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Hi-tech targets road hogs
BY LEON ENGELBRECHT , ITWEB SENIOR WRITER

Additional functionality
[ Johannesburg, 29 November 2006 ] - The KwaZulu-Natal Road Traffic Inspectorate (RTI) will put its experimental Average Speed Determination (ASD) system into effect next Tuesday.

RTI director Johan Schnell says the launch of the ASD system, originally set for early November, was delayed by “legislative and operational needs”.

ASD measures average speed based on a pair of licence plate recognition (LPR) units, and issues a ticket, or directly informs the road user using electronic road signs that he is committing a moving violation. For this trial, a single system is being installed on a stretch of the N3 between Durban and Pietermaritzburg.

The LPR-based speed measurement system has several advantages over other techniques. This includes the fact that the violation detection is not based on a singular point but rather on the length of the route, so it slows down the traffic along the entire route rather than in specific points which are quickly known to drivers, Schnell says.

Additional advantages are that the system is automatic and easy to set up, provides the evidence in images, covers all lanes and operates 24 hours a day, using invisible infrared illumination.

Additional functionality

Schnell says the trial was originally only to test the system's speed measuring ability. “But there is no point doing just that,” he says. “We want to share the system and what it can do with a number of users. There is no point photographing stolen vehicles, or vehicles associated with people with outstanding warrants… Lots of people have little bits of outstanding business with government, sometimes more serious business than speeding, not having a valid licence disk, or a valid drivers licence,” Schnell adds, “and we'd like to conclude that business.”

The systems developers have been roped in to make the trial variant more multifunctional so that it can help customs and excise, as well as immigration agents track down suspects and also assist police and prison officials to serve outstanding warrants.

“We are making a lot of demands on the developers, who, I must say, have accepted the challenge and will be making it work better for a broader network of people,” Schnell says.

Related story:
New speed monitoring system tested

New speed monitoring system tested
BY LEON ENGELBRECHT , ITWEB SENIOR WRITER
• 
READ IN THIS STORY:
‘Huge advantage'


[ Johannesburg, 31 October 2006 ] - The KwaZulu-Natal Road Traffic Inspectorate (RTI), and a group of companies led by Barry Fryer Dudley, of I-Cube, will test a new way of policing motorists this holiday.

In a three-month trial, starting in early November, they will use a distance-time system to determine a vehicle's average speed between two cameras, placed, in this instance, 13.8km apart.

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Fryer Dudley explains the system measures the average speed of vehicles by using licence plate recognition (LPR) units installed at toll plazas or on bridges. Even if vehicles are travelling within the legal speed limit when they pass the two cameras, the system will be able to calculate whether they were speeding between the sites.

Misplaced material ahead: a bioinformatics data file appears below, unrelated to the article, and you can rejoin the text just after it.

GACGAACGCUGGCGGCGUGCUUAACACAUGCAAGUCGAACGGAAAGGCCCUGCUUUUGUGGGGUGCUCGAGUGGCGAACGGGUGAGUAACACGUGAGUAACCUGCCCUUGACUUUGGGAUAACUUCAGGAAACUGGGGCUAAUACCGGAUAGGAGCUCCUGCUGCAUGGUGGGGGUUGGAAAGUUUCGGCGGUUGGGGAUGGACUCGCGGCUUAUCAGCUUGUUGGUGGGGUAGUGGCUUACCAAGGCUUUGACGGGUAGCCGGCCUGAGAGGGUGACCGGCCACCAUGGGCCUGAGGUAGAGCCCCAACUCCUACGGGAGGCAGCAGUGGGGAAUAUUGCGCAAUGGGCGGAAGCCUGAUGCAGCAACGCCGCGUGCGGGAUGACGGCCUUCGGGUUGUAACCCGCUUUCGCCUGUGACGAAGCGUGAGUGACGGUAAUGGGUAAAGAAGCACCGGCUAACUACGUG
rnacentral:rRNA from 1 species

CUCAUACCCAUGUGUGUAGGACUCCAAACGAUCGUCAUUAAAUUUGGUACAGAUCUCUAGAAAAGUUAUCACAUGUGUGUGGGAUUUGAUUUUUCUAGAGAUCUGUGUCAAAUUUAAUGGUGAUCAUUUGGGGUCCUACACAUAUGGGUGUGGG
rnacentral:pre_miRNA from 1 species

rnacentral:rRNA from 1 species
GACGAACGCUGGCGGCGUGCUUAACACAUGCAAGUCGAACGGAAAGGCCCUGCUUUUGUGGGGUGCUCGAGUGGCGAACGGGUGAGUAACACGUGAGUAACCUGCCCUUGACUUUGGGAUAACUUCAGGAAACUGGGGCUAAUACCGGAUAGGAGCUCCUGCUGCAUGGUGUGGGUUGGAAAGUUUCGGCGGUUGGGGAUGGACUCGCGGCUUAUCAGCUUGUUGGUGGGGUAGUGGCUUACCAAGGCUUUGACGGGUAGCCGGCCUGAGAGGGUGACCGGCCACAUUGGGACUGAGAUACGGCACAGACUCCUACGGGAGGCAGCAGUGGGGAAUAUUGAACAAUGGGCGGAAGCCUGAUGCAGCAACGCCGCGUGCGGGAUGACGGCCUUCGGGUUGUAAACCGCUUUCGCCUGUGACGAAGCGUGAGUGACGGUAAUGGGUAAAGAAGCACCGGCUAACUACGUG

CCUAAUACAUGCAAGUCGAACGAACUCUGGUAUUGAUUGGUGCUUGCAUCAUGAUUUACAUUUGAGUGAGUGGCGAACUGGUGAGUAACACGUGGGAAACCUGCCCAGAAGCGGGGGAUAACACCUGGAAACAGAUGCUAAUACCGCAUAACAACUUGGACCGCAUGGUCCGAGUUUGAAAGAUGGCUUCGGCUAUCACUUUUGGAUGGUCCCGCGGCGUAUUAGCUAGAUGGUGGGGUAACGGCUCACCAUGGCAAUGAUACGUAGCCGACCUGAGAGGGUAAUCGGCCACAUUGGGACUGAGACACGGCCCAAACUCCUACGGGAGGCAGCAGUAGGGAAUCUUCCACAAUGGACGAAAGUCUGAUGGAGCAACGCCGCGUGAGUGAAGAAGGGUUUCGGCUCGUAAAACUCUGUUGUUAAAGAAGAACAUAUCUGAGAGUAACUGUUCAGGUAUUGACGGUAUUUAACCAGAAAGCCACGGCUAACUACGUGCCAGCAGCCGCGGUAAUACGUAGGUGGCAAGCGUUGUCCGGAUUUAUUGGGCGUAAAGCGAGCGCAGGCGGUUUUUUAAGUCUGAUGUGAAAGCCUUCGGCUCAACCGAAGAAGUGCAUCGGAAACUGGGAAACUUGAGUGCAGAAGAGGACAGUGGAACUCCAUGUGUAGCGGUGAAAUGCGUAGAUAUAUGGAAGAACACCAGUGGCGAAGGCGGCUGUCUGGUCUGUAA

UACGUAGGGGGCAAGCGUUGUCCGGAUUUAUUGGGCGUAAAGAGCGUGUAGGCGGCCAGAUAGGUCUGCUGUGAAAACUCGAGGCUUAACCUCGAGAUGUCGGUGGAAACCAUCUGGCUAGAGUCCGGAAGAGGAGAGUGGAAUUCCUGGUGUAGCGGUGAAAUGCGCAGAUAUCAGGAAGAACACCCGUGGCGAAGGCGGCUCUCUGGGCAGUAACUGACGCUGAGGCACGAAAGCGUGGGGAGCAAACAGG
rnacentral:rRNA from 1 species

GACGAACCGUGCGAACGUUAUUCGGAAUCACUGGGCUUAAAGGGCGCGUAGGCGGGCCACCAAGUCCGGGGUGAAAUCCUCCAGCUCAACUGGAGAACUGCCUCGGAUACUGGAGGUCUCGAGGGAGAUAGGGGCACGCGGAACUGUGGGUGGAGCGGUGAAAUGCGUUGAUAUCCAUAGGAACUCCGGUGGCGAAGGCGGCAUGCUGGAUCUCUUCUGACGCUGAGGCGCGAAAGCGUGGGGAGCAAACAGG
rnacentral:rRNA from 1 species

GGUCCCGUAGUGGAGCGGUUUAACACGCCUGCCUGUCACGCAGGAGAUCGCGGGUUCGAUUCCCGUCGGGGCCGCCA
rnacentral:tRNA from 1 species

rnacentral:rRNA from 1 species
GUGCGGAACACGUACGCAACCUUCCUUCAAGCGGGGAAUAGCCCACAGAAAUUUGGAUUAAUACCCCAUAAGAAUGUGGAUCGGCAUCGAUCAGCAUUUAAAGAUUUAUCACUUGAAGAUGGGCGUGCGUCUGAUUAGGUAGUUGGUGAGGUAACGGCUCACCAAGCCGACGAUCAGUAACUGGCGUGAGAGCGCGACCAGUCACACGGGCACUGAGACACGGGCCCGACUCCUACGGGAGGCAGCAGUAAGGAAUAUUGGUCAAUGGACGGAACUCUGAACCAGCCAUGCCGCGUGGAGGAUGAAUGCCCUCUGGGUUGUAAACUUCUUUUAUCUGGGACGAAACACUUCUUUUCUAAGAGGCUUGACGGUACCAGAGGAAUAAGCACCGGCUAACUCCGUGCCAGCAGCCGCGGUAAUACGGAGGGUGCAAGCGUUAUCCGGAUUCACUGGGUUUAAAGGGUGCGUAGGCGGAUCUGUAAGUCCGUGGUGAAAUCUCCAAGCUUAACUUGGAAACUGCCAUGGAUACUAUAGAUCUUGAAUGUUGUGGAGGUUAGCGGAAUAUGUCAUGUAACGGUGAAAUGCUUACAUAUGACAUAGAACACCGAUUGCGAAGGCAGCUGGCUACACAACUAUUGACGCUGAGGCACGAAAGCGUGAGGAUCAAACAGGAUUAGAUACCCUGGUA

LPR is a non-intrusive, computerised method of capturing a licence plate and comparing it to a database of registration numbers. LPR systems consist of one or more cameras, in this case Internet Protocol units designed for high-speed LPR, connected to a PC running LPR software, proprietary to I-Cube, which controls the system, reads the images, analyses and identifies the plates.

This interfaces with a custom-developed average speed determination application and a database.

‘Huge advantage'

“The ability to interface into multiple data sources in real-time gives the LPR system a huge advantage over current techniques. The minimum requirement for LPR would be an image, the I-Cube software and a processing system to provide the results,” Fryer Dudley says.

RTI director Johan Schnell says similar systems are in wide use in Europe, especially Germany.

“The system is designed to ensure people who are hell-bent on speeding do not just adjust their behaviour at or near fixed-speed timing locations [speed traps],” he adds. Every vehicle travelling every road could effectively be measured this way, over every kilometre.

The system is, for now, only being tested between Pietermaritzburg and Durban. If successful, the system, which costs R1.5 million per deployment, could be rolled out to as many as 1 250 sites nationwide, Fryer Dudley states.

Schnell says the RTI will invest in the system if it meets the criteria of the department and the courts.

Although Schnell says the RTI is, for now, only interested in dissuading speeding, Fryer Dudley adds that police, as well as vehicle tracking companies, will have access to the data recorded and could use it to pull over stolen vehicles, or motorists found to have warrants or speeding fines outstanding. Using methodology akin to biometrics, the system can also identify cloned vehicles and unlicensed taxis.

 

 

BARRY DUDLEY PRESENTATION

DOWNLOAD HERE

 

 

 

TECHNOLOGY IN LOCAL GOVERNMENT

RAISING LEVELS OF SERVICES DELIVERY THROUGH TECHNOLOGY

                                                          20-21 JUNE 2006 - MIDRAND

 

Presentation SYNOPSIS

Presentation Topic

Neural networks to enhance safety in local authorities: automatic identification, tracking and alarm

Short positioning of presentation (abstract)

The ability to ensure the safely of local residents, tourists and people passing through the local authorities area is crucial.  This paper is a report back on safely initiatives undertaken by I-CUBE in a number of municipalities.